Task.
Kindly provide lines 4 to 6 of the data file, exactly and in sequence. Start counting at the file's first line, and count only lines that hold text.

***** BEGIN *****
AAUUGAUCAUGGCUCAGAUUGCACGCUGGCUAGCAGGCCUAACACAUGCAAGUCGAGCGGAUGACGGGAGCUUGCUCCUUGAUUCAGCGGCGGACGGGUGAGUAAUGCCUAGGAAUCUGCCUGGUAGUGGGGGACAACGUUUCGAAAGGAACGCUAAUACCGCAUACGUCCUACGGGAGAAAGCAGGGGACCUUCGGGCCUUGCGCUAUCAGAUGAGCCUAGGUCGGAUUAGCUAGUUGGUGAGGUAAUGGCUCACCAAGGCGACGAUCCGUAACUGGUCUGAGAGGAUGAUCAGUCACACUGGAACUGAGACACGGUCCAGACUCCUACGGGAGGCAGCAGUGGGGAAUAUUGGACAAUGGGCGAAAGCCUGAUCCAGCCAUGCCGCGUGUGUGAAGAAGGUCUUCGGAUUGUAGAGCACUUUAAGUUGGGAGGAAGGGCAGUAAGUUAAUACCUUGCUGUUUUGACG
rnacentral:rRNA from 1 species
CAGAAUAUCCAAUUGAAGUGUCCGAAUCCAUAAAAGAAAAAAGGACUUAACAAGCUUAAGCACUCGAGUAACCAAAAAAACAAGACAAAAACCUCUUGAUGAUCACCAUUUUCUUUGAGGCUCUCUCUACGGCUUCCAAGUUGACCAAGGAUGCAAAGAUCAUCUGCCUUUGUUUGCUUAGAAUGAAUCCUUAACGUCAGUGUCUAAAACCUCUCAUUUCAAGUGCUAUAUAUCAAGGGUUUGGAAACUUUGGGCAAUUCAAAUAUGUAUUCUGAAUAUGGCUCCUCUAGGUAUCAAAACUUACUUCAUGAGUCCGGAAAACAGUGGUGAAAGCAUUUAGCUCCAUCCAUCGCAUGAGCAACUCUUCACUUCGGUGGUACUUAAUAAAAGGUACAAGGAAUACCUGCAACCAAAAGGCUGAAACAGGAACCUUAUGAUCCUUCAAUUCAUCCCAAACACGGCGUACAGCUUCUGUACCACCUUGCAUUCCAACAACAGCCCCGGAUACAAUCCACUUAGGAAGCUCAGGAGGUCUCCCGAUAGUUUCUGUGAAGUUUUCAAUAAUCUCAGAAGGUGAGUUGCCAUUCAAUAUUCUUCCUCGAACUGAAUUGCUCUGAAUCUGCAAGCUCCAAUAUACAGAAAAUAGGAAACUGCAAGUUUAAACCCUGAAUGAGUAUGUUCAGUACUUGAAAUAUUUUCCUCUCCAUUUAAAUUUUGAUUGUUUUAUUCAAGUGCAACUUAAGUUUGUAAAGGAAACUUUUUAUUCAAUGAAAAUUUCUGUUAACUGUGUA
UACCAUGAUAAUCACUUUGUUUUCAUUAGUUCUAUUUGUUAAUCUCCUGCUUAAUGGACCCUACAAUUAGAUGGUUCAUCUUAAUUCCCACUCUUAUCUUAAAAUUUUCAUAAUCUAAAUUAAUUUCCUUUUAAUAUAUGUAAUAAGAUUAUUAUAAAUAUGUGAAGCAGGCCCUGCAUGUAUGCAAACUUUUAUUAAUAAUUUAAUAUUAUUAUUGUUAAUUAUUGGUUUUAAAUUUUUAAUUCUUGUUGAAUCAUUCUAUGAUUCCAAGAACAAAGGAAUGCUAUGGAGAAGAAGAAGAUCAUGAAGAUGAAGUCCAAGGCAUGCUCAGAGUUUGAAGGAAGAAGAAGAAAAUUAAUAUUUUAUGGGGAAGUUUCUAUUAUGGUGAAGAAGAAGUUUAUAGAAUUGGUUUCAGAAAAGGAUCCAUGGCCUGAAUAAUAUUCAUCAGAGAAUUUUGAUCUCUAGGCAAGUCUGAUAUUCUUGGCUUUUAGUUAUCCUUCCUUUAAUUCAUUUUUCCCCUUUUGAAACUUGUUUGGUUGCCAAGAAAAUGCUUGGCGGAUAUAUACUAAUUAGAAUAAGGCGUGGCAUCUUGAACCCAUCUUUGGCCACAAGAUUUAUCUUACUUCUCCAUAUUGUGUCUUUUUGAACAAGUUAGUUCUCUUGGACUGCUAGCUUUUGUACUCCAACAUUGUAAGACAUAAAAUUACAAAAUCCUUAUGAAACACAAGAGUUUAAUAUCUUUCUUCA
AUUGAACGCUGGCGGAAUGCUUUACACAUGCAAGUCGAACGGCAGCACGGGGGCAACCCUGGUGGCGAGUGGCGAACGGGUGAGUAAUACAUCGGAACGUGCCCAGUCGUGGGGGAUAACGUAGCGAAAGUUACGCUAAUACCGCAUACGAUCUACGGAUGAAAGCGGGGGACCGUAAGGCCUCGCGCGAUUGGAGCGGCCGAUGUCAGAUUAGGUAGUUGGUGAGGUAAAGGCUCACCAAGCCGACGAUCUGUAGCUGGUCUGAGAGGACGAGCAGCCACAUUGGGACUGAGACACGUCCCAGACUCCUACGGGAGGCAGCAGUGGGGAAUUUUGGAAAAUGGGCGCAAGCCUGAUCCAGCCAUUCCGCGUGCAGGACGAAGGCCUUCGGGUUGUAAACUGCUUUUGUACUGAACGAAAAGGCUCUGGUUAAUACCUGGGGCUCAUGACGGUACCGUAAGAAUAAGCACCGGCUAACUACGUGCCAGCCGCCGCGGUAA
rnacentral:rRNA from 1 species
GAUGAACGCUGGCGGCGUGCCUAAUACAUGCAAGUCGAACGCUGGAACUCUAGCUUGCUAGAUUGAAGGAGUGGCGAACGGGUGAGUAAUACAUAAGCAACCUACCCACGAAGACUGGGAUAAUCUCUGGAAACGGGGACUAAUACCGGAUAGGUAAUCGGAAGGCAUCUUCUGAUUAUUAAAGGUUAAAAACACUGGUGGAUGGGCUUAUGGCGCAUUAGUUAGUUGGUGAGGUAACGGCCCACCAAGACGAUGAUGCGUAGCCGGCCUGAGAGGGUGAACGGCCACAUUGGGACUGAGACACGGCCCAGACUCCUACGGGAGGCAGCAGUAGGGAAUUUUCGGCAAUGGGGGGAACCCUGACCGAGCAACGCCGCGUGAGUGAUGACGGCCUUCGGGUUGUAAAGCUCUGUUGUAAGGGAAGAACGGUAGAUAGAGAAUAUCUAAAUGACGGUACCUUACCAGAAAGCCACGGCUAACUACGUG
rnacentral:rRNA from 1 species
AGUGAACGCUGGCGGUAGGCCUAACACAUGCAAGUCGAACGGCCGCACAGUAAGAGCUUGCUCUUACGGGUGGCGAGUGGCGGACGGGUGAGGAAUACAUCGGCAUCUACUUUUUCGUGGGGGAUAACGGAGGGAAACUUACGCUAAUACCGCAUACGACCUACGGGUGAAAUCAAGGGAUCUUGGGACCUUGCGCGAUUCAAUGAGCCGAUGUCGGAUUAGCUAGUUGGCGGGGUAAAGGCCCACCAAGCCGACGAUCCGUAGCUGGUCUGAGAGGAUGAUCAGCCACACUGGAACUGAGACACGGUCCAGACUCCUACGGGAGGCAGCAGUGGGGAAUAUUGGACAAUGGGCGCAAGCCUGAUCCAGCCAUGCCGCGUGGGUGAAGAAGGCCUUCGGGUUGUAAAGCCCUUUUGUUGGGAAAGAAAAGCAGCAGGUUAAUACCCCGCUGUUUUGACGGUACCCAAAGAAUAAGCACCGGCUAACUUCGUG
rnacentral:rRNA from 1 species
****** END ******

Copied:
UACCAUGAUAAUCACUUUGUUUUCAUUAGUUCUAUUUGUUAAUCUCCUGCUUAAUGGACCCUACAAUUAGAUGGUUCAUCUUAAUUCCCACUCUUAUCUUAAAAUUUUCAUAAUCUAAAUUAAUUUCCUUUUAAUAUAUGUAAUAAGAUUAUUAUAAAUAUGUGAAGCAGGCCCUGCAUGUAUGCAAACUUUUAUUAAUAAUUUAAUAUUAUUAUUGUUAAUUAUUGGUUUUAAAUUUUUAAUUCUUGUUGAAUCAUUCUAUGAUUCCAAGAACAAAGGAAUGCUAUGGAGAAGAAGAAGAUCAUGAAGAUGAAGUCCAAGGCAUGCUCAGAGUUUGAAGGAAGAAGAAGAAAAUUAAUAUUUUAUGGGGAAGUUUCUAUUAUGGUGAAGAAGAAGUUUAUAGAAUUGGUUUCAGAAAAGGAUCCAUGGCCUGAAUAAUAUUCAUCAGAGAAUUUUGAUCUCUAGGCAAGUCUGAUAUUCUUGGCUUUUAGUUAUCCUUCCUUUAAUUCAUUUUUCCCCUUUUGAAACUUGUUUGGUUGCCAAGAAAAUGCUUGGCGGAUAUAUACUAAUUAGAAUAAGGCGUGGCAUCUUGAACCCAUCUUUGGCCACAAGAUUUAUCUUACUUCUCCAUAUUGUGUCUUUUUGAACAAGUUAGUUCUCUUGGACUGCUAGCUUUUGUACUCCAACAUUGUAAGACAUAAAAUUACAAAAUCCUUAUGAAACACAAGAGUUUAAUAUCUUUCUUCA
AUUGAACGCUGGCGGAAUGCUUUACACAUGCAAGUCGAACGGCAGCACGGGGGCAACCCUGGUGGCGAGUGGCGAACGGGUGAGUAAUACAUCGGAACGUGCCCAGUCGUGGGGGAUAACGUAGCGAAAGUUACGCUAAUACCGCAUACGAUCUACGGAUGAAAGCGGGGGACCGUAAGGCCUCGCGCGAUUGGAGCGGCCGAUGUCAGAUUAGGUAGUUGGUGAGGUAAAGGCUCACCAAGCCGACGAUCUGUAGCUGGUCUGAGAGGACGAGCAGCCACAUUGGGACUGAGACACGUCCCAGACUCCUACGGGAGGCAGCAGUGGGGAAUUUUGGAAAAUGGGCGCAAGCCUGAUCCAGCCAUUCCGCGUGCAGGACGAAGGCCUUCGGGUUGUAAACUGCUUUUGUACUGAACGAAAAGGCUCUGGUUAAUACCUGGGGCUCAUGACGGUACCGUAAGAAUAAGCACCGGCUAACUACGUGCCAGCCGCCGCGGUAA
rnacentral:rRNA from 1 species